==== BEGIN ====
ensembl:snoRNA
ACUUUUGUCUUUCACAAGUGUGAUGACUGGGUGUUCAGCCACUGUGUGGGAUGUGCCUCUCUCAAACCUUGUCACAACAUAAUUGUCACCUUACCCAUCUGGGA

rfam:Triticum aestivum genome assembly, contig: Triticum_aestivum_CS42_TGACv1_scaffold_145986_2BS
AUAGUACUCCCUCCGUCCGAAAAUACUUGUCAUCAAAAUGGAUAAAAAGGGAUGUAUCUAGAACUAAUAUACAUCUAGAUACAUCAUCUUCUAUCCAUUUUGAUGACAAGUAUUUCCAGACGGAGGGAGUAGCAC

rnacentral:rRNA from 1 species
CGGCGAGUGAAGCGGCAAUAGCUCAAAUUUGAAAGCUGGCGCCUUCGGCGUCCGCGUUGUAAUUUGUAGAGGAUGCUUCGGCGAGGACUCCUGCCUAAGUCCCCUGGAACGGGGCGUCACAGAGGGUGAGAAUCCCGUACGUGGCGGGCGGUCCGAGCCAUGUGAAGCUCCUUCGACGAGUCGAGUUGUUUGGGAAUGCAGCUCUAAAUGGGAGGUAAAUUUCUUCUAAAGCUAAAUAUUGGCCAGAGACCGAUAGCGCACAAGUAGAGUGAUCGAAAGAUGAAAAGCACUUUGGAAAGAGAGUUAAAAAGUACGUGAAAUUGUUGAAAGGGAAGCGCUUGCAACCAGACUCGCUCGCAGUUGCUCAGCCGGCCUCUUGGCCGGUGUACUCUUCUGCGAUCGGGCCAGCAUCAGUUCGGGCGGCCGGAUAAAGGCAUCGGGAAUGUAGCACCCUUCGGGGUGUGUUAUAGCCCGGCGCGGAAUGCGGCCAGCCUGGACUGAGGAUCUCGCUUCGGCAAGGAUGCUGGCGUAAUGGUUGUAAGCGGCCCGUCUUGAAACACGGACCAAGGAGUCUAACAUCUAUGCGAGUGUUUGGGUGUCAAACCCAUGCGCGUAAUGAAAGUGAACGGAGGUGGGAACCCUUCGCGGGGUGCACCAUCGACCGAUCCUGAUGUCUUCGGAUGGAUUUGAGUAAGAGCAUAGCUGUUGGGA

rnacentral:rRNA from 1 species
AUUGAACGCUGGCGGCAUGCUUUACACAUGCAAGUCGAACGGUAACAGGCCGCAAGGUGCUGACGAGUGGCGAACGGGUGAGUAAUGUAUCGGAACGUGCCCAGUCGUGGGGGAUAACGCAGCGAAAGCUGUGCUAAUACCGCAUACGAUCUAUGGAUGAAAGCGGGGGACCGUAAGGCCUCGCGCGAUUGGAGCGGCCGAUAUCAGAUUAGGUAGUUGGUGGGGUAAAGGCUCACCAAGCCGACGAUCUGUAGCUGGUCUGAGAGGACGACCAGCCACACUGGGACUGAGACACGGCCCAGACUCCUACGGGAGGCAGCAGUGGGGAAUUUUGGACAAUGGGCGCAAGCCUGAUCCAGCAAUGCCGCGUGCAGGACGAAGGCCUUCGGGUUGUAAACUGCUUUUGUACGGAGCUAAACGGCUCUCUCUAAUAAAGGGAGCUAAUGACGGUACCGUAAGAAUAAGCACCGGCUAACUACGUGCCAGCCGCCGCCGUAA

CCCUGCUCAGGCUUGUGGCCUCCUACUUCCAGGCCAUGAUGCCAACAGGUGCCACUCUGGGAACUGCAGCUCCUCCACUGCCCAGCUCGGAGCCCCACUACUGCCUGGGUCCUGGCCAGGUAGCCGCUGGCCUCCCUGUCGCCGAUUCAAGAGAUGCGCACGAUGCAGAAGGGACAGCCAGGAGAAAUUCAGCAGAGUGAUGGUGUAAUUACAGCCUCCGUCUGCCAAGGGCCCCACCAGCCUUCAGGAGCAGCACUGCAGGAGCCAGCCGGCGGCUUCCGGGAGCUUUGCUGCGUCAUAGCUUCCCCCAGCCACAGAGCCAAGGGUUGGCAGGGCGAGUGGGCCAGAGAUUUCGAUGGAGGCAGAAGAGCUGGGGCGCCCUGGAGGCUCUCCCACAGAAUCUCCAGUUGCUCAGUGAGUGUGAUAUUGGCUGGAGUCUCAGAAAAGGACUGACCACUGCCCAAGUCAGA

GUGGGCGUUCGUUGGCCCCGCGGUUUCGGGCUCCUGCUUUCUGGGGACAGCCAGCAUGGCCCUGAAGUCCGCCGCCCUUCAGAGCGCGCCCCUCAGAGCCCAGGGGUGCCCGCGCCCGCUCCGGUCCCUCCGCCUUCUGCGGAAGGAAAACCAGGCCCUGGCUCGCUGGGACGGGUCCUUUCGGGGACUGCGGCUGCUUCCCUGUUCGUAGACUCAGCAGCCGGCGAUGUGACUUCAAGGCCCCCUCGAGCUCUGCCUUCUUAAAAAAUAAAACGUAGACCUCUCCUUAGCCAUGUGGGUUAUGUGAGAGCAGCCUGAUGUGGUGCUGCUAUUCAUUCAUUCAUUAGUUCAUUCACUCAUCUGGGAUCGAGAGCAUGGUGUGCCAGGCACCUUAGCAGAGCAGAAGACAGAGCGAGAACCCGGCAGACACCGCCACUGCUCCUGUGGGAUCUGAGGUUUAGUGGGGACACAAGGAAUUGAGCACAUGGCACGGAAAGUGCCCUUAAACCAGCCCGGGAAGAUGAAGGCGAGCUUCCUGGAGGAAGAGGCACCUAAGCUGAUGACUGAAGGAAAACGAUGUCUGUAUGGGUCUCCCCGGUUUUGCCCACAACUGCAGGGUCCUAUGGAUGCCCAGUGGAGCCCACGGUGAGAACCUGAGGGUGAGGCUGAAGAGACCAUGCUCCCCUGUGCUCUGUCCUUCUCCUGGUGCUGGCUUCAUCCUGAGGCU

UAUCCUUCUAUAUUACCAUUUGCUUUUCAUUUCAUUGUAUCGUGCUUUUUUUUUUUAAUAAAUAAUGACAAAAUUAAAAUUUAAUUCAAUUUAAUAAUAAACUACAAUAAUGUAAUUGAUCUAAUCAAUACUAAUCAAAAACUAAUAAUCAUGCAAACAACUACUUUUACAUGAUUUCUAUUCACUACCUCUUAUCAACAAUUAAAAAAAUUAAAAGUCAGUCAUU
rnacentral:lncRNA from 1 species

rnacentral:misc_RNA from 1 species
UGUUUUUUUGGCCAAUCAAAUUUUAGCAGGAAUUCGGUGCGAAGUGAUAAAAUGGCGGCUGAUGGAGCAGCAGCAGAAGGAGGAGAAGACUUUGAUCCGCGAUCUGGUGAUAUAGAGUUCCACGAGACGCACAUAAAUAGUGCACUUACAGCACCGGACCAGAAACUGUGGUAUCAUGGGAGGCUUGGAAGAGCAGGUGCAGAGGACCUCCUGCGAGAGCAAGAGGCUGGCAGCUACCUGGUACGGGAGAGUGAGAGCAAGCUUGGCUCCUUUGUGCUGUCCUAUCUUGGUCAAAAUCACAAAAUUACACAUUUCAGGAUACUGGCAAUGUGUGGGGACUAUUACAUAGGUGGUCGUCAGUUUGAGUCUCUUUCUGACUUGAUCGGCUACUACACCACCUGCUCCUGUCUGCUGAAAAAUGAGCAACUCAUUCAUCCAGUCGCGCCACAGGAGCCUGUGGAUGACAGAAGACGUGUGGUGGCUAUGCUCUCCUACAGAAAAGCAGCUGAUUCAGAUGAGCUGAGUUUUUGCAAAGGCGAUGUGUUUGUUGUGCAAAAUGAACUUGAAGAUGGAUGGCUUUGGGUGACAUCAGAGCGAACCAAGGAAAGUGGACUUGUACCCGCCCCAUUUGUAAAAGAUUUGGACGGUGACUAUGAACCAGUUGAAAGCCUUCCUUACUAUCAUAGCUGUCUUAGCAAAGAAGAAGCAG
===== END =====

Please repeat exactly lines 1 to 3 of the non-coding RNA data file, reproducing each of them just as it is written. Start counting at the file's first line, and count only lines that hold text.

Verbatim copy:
ensembl:snoRNA
ACUUUUGUCUUUCACAAGUGUGAUGACUGGGUGUUCAGCCACUGUGUGGGAUGUGCCUCUCUCAAACCUUGUCACAACAUAAUUGUCACCUUACCCAUCUGGGA

rfam:Triticum aestivum genome assembly, contig: Triticum_aestivum_CS42_TGACv1_scaffold_145986_2BS